Student Voice


June 20, 2024


'Smokin' Aces' leaves a number of questions

February 1, 2007

Our ol’ Van Wilder finally graduated from college and became a cop; a passionate, slightly overdramatic cop. You can always trust this man, whether he is a college-party lover or giving CPR to his fellow FBI agents. Among the unusual all-star cast, I did not expect Ryan Reynolds to play one of my favorite characters in “Smokin’ Aces.”

Upon going into the movie, I held little respect for it, merely because of the ‘Ben Affleck’ name plastered on all of the posters and trailers. Luckily, the name was only a marketing scheme.

Reynolds, the top FBI agent, is protecting a Las Vegas performer-turned-gangster, Buddy “Aces” Israel (Jeremy Piven), whom has agreed to rat out his fellow mob members.

While in protective custody of what appears to be a swank Vegas penthouse suite, word spreads to numerous hit men (and women) of Israel’s hide out.

Maybe it’s because I don’t watch many crime/action movies, or maybe it was because I don’t think with a ‘business mind,’ or maybe it’s because I was distracted by the performances of new actors, but I had a terrible time following the plot of the movie. I found myself confused as to why particular people wanted the man dead.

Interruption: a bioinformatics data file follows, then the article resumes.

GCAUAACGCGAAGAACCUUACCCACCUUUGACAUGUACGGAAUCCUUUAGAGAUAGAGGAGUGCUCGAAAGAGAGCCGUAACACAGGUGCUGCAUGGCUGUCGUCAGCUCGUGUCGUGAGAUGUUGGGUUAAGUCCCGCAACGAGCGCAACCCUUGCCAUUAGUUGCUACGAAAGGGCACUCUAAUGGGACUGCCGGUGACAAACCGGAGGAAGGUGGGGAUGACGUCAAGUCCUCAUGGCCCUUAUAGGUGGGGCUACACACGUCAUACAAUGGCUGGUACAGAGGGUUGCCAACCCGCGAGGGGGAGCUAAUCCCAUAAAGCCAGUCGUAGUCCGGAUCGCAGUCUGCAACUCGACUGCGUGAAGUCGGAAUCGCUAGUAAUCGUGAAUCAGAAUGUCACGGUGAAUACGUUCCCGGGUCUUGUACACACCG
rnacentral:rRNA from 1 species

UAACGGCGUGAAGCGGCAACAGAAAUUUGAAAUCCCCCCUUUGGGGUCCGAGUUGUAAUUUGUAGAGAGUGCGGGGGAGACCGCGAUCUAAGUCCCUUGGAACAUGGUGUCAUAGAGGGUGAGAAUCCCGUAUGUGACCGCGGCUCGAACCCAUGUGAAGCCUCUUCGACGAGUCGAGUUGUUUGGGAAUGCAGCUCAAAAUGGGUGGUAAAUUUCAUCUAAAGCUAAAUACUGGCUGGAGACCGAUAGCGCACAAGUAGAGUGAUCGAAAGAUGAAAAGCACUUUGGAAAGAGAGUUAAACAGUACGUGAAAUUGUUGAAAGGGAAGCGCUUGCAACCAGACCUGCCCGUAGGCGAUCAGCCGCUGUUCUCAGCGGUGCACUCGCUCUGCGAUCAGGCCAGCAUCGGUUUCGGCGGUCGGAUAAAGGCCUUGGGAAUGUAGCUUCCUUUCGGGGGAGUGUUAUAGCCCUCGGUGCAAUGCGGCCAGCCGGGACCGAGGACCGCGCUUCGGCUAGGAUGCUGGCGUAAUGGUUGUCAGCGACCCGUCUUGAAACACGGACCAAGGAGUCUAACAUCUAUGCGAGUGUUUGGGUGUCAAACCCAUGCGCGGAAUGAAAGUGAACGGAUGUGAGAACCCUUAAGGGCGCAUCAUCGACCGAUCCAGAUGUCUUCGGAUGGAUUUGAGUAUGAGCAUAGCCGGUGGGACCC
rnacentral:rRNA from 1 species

Other questions arose in my head during the viewing like, ‘Why did that guy just kill that other guy?’ Also, ‘Is that guy buddies with that guy?’

Then I thought that these questions I had were completely irrelevant because of the bloodiness and mild gore that filled the voids. After all, it’s an action movie, logistics < sweet fight scenes.

I continued to be relieved of my cynicism as the movie progressed with its visual eye-candy and fast-paced movement.

There were few things that didn’t rub me right with the movie, such as nerdy hotel security guards with puss-filled pimples that seemed to increase in number throughout the movie. Israel’s unimpressive card tricks become annoying quickly, especially since the audience doesn’t know why his nickname is “Aces.”

Despite the occasional faults, “Smokin’ Aces” bounced back and forth hitting the audience with “Ocean’s 11”(-13)-esque double screen shots pulling and pushing each other out of the screen.

A small scene with Jason Bateman as ‘The Lawyer’ stole most of the comedy bits of the whole movie into one or two appearances.

Alicia Keys, in her first film role, portrayed a potential lesbian contract killer with fishnet stockings called Georgia Sykes.

Though boasting her breasts and feminism in the movie, she proved that if you’re a woman that can’t really act, you better have a smokin’ hot body, and you better flaunt it if you want to be cast in any other films for the rest of your life.

Along with Keys’ character, I thoroughly enjoyed every scene with the Tremor brothers.

This group of massacre-causing, tattoo covered, machine gun-toting rednecks were the most unpredictable and colorful of all the characters of the movie. Everyone else just looked like white guys in suits and ties with a gun in a hip holster.

When it comes to it, “Smokin’ Aces” only won the popularity contest.

Teresa Aviles is a student at UW-River Falls.